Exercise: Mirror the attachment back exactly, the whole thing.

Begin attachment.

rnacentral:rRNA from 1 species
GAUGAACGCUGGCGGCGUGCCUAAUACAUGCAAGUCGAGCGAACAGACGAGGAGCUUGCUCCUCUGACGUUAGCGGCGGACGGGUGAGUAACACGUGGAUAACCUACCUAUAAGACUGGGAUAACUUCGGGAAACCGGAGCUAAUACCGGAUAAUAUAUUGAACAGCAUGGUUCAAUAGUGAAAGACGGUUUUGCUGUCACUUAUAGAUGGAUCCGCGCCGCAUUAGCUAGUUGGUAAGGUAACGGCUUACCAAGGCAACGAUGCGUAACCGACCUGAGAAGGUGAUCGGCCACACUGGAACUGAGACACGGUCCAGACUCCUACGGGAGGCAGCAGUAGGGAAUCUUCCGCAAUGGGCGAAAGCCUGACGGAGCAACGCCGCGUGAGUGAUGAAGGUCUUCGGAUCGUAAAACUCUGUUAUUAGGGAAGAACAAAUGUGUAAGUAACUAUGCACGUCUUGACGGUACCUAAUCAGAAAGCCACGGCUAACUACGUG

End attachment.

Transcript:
rnacentral:rRNA from 1 species
GAUGAACGCUGGCGGCGUGCCUAAUACAUGCAAGUCGAGCGAACAGACGAGGAGCUUGCUCCUCUGACGUUAGCGGCGGACGGGUGAGUAACACGUGGAUAACCUACCUAUAAGACUGGGAUAACUUCGGGAAACCGGAGCUAAUACCGGAUAAUAUAUUGAACAGCAUGGUUCAAUAGUGAAAGACGGUUUUGCUGUCACUUAUAGAUGGAUCCGCGCCGCAUUAGCUAGUUGGUAAGGUAACGGCUUACCAAGGCAACGAUGCGUAACCGACCUGAGAAGGUGAUCGGCCACACUGGAACUGAGACACGGUCCAGACUCCUACGGGAGGCAGCAGUAGGGAAUCUUCCGCAAUGGGCGAAAGCCUGACGGAGCAACGCCGCGUGAGUGAUGAAGGUCUUCGGAUCGUAAAACUCUGUUAUUAGGGAAGAACAAAUGUGUAAGUAACUAUGCACGUCUUGACGGUACCUAAUCAGAAAGCCACGGCUAACUACGUG